GOG lays off a dozen staff, cancels Fair Price Package program for customers

By Sherif Saed, Tuesday, 26 February 2019 16:57 GMT

GOG has let go of at least a dozen of its staff last week.

GOG, the DRM-free digital store, is reportedly facing financial troubles. The digital distribution arm of The Witcher, and Cyberpunk 2077 developer and publisher CD Projekt, GOG has reportedly been having a tougher time competing in the digital games retail space.

Kotaku first reported the news, which GOG later confirmed in a statement to the site.

“We have been rearranging certain teams since October 2018, effecting in closing around a dozen of positions last week. At the same time, since the process started we have welcomed nearly twice as many new team members, and currently hold 20 open positions,” a GOG representative told Kotaku.

One of those affected told the site that around 10% of staff were let go as a result of GOG’s revenue not meeting targets.

Competition from other stores, as well as the shift to offer developers a bigger revenue share were cited among the reasons for this apparent decline. The source described GOG’s performance in the last few months as “dangerously close to being in the red”.

Separately, GOG announced earlier today that it’s retiring the store’s Fair Price Package program. Through FPP, GOG was able to compensate customers outside North America for the sometimes higher-than-average game prices in their territories. This price difference, which GOG says ranges from 12% to 37%, in some cases, would be refunded to customers through the store’s wallet.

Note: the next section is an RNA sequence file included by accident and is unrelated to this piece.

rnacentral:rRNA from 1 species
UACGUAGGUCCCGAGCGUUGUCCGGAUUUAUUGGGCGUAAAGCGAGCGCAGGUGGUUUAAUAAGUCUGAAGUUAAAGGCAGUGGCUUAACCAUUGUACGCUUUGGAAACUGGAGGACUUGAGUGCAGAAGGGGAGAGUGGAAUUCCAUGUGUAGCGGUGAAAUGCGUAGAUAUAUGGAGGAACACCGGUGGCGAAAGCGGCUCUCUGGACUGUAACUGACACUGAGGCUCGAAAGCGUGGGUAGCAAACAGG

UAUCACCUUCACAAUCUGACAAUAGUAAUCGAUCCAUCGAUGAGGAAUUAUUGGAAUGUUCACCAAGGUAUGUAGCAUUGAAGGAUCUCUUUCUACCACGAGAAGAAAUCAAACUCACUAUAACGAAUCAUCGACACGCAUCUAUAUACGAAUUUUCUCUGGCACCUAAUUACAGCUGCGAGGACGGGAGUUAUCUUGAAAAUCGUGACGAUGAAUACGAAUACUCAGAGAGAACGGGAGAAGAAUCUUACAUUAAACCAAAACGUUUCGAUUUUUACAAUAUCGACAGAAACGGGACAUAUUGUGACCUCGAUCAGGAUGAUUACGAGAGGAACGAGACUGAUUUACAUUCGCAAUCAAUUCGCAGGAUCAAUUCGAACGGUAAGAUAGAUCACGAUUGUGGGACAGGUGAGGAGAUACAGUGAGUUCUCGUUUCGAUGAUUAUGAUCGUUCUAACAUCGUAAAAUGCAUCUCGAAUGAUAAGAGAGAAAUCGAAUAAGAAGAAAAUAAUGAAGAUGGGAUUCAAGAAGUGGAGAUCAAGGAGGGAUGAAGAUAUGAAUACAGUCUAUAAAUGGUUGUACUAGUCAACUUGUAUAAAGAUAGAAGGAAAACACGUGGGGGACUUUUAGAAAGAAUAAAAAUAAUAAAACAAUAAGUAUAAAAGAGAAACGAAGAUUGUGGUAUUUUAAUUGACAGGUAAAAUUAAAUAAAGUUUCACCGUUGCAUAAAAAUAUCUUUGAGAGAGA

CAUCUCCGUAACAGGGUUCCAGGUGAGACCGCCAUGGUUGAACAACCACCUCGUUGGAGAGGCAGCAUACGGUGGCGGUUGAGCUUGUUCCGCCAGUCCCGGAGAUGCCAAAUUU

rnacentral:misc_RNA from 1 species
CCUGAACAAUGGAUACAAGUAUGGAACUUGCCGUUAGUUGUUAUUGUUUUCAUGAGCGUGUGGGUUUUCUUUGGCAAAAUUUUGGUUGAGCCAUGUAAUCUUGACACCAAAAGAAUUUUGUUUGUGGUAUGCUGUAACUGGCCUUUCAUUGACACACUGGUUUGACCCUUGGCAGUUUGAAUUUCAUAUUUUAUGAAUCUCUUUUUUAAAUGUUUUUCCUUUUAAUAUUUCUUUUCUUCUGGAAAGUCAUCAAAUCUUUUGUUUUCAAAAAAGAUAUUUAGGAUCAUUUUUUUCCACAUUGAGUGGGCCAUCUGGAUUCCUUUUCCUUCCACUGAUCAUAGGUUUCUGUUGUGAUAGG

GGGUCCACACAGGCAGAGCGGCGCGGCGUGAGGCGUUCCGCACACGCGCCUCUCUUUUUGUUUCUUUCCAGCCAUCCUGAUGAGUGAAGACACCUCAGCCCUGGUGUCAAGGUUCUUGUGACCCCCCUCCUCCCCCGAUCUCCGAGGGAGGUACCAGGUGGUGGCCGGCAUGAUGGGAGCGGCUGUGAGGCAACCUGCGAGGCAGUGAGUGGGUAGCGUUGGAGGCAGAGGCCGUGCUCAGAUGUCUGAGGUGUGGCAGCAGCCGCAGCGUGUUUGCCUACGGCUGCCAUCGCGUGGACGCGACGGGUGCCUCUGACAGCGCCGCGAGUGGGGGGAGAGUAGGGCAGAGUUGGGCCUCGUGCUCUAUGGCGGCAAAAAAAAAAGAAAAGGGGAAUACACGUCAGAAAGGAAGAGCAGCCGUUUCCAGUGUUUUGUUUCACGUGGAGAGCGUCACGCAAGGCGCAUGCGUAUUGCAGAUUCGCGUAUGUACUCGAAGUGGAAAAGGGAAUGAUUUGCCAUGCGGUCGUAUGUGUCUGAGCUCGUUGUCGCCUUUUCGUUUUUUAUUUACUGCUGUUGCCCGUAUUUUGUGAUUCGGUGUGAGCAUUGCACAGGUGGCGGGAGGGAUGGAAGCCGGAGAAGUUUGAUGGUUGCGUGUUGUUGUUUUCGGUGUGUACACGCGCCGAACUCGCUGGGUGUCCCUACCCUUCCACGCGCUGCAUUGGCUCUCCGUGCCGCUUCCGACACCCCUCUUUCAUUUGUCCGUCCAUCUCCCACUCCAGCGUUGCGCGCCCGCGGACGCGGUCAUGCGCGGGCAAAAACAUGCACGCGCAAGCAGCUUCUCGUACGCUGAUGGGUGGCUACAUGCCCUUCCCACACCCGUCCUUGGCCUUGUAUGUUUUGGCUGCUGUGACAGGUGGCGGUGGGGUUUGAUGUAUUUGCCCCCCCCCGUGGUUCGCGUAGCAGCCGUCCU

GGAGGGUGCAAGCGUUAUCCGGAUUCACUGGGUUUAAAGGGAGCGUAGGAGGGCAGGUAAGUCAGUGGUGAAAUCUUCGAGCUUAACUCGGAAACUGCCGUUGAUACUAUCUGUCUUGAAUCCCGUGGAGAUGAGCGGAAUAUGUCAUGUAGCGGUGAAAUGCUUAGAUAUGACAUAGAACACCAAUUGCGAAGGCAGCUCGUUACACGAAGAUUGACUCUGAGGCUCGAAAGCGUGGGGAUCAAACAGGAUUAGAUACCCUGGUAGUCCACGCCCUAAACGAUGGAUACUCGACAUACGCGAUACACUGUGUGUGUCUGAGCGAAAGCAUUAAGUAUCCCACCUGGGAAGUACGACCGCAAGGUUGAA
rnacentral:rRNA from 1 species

“In the past, we were able to cover these extra costs from our cut and still turn a small profit,” GOG said in a statement accompanying the news.

“Unfortunately, this is not the case anymore. With an increasing share paid to developers, our cut gets smaller. However, we look at it, at the end of the day we are a store and need to make sure we sell games without a loss.”

The Fair Price Package program will remain in effect until March 31 this year.

Though GOG technically competes with Steam, and more recently Epic Games Store, the site continues to have a niche in offering DRM-free games. GOG is the only store to do so at that level, and it also invests in restoration of old and classic titles, such as making them playable on modern operating systems.

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